In addition, the growing spikes of calamondina enlighten us on the true strength of this citrus variety. Calamondin trees are shade tolerant, although they are most productive when grown in full sun. They are also drought tolerant, although to avoid stressing the plant, they should be deeply watered during long dry spells.
Calamondins can be propagated by sowing or rooting cuttings in spring or semi-mature cuttings in summer. They can also be shoots grafted on sour orange rootstock. The flowers do not require cross-pollination and will produce fruit at two years of age while continuing to bear most of the year. Trees can be forced to bloom by holding water until the canopy fades and then water abundantly.
Choose shrubs based on the extent of the hedge
It should be borne in mind that some plants are better suited to maintaining a neat shape with regular pruning. To perform it, if you do not want to rely on a professional, you can use a tool specifically designed to make cuts on the hedges, as precisely and cleanly as possible, that is the hedge trimmer .
For example, theholly requires a constant commitment to maintain an orderly shape and is therefore to be preferred only in the composition of small hedges. Species like the boxwood which, on the other hand, have a rather slow growth, are perfectly suited to longer hedges.
If you prefer hedges with one natural growth (without cutting them in a neat geometric shape) you could opt, for example, for the juniper and theaucuba. Both are evergreen and they do not undress in the cold period.
The aucuba has lively red berries and broad leaves with an excellent shielding result from light, dust and glances. Juniper has some nice things purple berries and thorns that keep intruders away.
You can also imagine joining multiple species in one hedge.
For example by joining thuja is pittosporum. The shrubby variety of the thuja compose dense barriers, well compact and fragrant, easy to order with pruning. The shrubs of the pittosporum have very green leaves and elongated and fragrant white flowers. Both plants remain green even in winter and reach heights of over two meters. Combining them you get one high hedge, dense and evergreen, flowery and fragrant!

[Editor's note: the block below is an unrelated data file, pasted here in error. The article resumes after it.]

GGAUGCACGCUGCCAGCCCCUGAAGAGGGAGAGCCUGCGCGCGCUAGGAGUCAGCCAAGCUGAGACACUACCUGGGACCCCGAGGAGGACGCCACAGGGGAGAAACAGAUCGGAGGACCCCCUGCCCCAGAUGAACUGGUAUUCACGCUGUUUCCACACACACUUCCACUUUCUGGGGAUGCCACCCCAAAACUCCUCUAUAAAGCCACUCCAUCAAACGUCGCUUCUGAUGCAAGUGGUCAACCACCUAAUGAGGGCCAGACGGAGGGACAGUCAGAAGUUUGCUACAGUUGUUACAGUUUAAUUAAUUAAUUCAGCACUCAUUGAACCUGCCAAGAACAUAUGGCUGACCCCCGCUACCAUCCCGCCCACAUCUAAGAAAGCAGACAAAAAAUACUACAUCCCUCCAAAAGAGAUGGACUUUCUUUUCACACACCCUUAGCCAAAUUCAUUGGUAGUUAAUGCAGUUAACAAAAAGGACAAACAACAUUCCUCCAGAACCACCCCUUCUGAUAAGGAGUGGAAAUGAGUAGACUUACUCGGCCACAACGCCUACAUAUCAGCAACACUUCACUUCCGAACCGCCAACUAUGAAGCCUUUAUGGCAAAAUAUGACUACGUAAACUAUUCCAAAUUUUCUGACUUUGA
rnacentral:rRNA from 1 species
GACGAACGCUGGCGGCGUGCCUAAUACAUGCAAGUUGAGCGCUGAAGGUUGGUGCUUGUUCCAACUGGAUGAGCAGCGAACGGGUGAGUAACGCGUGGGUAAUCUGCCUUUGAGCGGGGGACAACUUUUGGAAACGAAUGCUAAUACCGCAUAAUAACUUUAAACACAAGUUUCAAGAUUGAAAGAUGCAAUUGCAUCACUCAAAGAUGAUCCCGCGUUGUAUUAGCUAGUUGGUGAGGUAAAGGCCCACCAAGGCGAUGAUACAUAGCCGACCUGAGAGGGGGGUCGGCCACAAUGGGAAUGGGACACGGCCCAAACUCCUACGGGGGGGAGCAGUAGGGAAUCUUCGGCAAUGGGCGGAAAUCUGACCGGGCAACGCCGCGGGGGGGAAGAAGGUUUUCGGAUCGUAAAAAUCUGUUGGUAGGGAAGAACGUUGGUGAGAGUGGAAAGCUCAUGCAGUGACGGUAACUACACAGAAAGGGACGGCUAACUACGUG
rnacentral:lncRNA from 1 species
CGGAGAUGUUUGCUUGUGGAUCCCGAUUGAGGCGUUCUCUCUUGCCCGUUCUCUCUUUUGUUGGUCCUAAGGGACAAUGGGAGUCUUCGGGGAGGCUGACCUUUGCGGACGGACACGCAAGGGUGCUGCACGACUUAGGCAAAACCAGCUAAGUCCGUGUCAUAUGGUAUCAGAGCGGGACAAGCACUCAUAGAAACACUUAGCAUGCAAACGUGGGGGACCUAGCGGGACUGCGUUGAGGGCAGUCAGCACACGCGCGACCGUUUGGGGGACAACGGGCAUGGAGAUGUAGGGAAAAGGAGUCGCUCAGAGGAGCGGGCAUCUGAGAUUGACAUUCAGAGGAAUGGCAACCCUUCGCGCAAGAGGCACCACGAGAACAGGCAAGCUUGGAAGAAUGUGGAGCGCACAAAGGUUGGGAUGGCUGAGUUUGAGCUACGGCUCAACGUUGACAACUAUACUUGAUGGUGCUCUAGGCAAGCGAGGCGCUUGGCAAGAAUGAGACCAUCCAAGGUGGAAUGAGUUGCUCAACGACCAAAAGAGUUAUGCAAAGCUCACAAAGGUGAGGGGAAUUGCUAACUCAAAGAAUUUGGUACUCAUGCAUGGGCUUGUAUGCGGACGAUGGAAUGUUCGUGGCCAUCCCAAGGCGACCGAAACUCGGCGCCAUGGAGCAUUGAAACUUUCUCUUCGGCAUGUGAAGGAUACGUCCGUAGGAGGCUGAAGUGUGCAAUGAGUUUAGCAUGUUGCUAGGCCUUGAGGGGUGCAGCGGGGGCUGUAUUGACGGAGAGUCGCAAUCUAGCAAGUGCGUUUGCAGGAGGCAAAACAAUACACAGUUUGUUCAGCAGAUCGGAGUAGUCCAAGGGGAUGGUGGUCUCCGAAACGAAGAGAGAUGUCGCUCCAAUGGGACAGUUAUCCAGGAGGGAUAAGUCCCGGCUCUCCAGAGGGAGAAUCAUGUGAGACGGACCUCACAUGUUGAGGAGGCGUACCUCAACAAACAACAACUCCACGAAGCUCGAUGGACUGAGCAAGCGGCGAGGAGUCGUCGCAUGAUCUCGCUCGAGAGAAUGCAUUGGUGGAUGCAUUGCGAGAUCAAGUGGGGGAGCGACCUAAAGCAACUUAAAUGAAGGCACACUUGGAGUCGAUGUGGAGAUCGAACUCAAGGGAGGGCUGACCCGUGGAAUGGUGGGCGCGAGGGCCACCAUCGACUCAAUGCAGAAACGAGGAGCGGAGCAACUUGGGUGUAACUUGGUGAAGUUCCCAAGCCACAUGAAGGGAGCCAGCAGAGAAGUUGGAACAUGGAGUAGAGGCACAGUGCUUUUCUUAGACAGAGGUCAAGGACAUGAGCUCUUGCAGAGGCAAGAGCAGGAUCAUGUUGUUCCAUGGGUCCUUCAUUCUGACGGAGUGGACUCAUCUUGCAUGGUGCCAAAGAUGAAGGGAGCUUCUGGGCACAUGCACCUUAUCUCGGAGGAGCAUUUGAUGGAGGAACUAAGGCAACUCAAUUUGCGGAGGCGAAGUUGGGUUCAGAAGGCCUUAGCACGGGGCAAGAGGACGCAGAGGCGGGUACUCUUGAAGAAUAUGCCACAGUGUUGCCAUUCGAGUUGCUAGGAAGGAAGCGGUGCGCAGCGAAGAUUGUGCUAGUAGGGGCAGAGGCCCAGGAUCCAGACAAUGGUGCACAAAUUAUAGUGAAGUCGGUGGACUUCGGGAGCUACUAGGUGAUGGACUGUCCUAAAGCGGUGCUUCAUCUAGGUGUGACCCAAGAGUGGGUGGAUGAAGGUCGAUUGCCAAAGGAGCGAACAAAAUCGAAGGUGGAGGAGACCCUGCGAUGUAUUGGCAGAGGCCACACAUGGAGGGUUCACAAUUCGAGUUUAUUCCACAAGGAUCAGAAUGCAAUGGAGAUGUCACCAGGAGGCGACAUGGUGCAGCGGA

Trunk, leaves and parasites
Before checking the roots, creating other potential trauma to the plant where it does not need it, you must check every visible part of the plant (trunk and leaves, both above and below). In this operation we will check if there are parasites present or not. We remove any yellow leaves with the help of a sharp scissors sterilized with alcohol. Let's take a good look at the plant and if we find indiscreet presences, let's go to a florist or an agricultural consortium, to explain what type of parasite is present on our plant and ask us to recommend the right remedy (if possible, take the plant with us and let us see it. to the professional).
Calamondin Tree Care
Although calamondine trees can be grown indoors, they are best suited for growing outdoors in partial shade or in direct sun. Calamondin tree care indicates that temperatures between 70-90 degrees F. are best suited, and any temperatures below 55 degrees F. (12 C.) will negatively affect its growth.
Don't overdo the calamondine. Allow the soil to dry to 1 inch depth before watering.
Fertilize during the winter with a water-soluble fertilizer medium every 5 weeks or so. Then, in early spring, add a slow release fertilizer and continue fertilizing with full strength water soluble fertilizer every month throughout the growing season.
Keep the leaves free of dust to prevent mite and fouling infections.
Pick the fruit with scissors or scissors to avoid damaging the stem. Fruit is best eaten immediately after harvest or should be refrigerated immediately.